If you do have a little cash to spend – The Dollar Store is always a great place. For example, I bought a pair of sunglasses for a dollar with black frames from there and took them to a one-hour optical place and paid way more for the prescription lenses than the frames. People are telling me all the time they look like $300 glasses – but I didn’t spend anything near to that.
When you get hungry, try checking out places like Baskin Robbins and many others for samples to get a quick fix. If you go to enough fast food joints for samples, you might even end up feeling full.
All this will make your shopping experience pain-free for your wallet and enjoyable. Have a good time and remember to throw a penny in the waterfall if your major mall has one!
The Canadian dollar is strong, but the American one is still stronger. If you’re on vacation in Toronto, there are many places to eat extremely cheap in some neighbourhoods that seem scary to many Torontonians, but many Americans may not even blink an eye.
A lovely young man named Avi Zer-Aviv and I had a meeting to discuss doing work together with Youth Assisting Youth (YAY). YAY is a non-profit organization that matches high school students with younger kids for mentoring. I was a mentor myself when I was in high school. Avi was kind enough to take me to a place close to the corner of Lansdowne and on Bloor Streets. The restaurant is called South Indian Dosa Mahal. In a neighbourhood like that where you need to be wearing your glasses not to be sold any drugs, this restaurant is a gem. With a clean and pleasant environment, you can get a lot of food for under $10 CDN.
Heading south to the Parkdale area, there are many places with good food at good prices. Rhino Restaurant and Bar which is close to Queen and Dufferin Streets is seen as an oasis in the neighbourhood. There you can eat for the same price as South Indian Dosa Mahal, but with a different flavour of food. They have quesadillas, great hamburgers and a weekend breakfast special that is tasty. They also have an outdoor patio and parking.
Heading east, there is a place called Friendly’s on Queen Street close to Dovercourt that serves an all-day breakfast for as little as under $6 CDN.
If you’re out on the town and it’s later at night, there’s a place called John’s café on Baldwin Street close to Dundas and University Streets that is a quaint little hideaway. If you drink, you can get martinis for around $3-$6 CDN on Thursday nights. They also have a large outdoor front patio.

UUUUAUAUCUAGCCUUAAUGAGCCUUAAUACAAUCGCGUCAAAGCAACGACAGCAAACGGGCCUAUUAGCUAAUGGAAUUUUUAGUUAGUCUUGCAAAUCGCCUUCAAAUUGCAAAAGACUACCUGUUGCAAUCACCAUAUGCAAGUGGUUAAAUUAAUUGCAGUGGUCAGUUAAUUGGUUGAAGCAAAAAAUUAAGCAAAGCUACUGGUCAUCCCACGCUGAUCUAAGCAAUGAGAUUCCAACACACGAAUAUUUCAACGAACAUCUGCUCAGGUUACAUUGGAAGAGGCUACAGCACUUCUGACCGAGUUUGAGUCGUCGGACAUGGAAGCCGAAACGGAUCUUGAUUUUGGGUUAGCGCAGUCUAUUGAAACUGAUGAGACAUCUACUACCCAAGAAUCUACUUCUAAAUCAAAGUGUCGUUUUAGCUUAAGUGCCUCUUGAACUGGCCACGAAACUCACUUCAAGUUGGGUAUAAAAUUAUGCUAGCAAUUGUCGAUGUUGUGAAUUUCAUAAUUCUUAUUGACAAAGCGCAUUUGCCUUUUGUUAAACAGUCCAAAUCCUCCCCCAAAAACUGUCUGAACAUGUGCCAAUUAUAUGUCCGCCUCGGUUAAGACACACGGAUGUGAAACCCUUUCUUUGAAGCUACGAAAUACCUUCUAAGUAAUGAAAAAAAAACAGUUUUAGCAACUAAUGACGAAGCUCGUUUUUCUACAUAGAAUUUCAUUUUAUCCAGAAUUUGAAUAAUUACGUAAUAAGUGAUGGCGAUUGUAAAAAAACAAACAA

In the downtown Chinatown, there’s a place on Kensington Ave. called Saigon Pearl that has a great dim sum for low prices. Make sure you don’t go overboard and you can walk away spending less than $21. If you really want to treat yourself and a friend, go wild and it still won’t hurt the pocketbook too much. Plus, you probably won’t have to eat for a while afterward.
Little India in the east end on Gerrard St. has many places where you can have Indian food for less. There are so many places to choose from, just take your pick. Walking down that whole stretch, you can’t go wrong. Pick a place that looks clean and inviting to you and that’s probably the perfect place to get a great meal.
If the weather is great, take a stroll on the boardwalk by Ashbridge’s Bay, just walking or biking distance from Little India. Enjoy yourself – Toronto is a great city.
Christmas time is near and you have to buy for your true love. Keep these tips in mind for giving during the 12 days of Christmas on the cheap:
On the first day of Christmas, you may give the true love seedlings that you can find for under $5 CDN to grow a pear tree. They may need to buy their own partridge you can note on the card.
On the second day of Christmas, two turtle doves can be costly, but two bars of Dove soap is handy and practical. If you look for them on sale, you will only be out a maximum of under $10 CDN.
On the third day of Christmas, three eggs from a French hen is something you can probably get for free right out of your own fridge. Just caution your loved one to handle with care. If they are a vegetarian, you might want to remind the person to keep stored in a cold place. If for your pet, they make for a good source of protein if your pet likes human food.
On the fourth day of Christmas, calling birds to remind me of calling cards, which always come in handy. Ask around amongst people who use them to find out some of the cheaper places to go to get good ones. I’ve heard that in Toronto places around Spadina and Dundas Streets in Chinatown are great for getting calling cards. This may be one of your more major expenses among the 12 days unless you buy three $5 CDN cards which would give you at least half an hour of chirping, even on the other side of the world.
Okay, the fifth day – five golden rings can be expensive even if you buy them at a pawn shop. See if you can find your true love five plastic rings at The Dollar Store in the children’s department that are the colour of gold. You can suggest they put it on their keychain for decoration.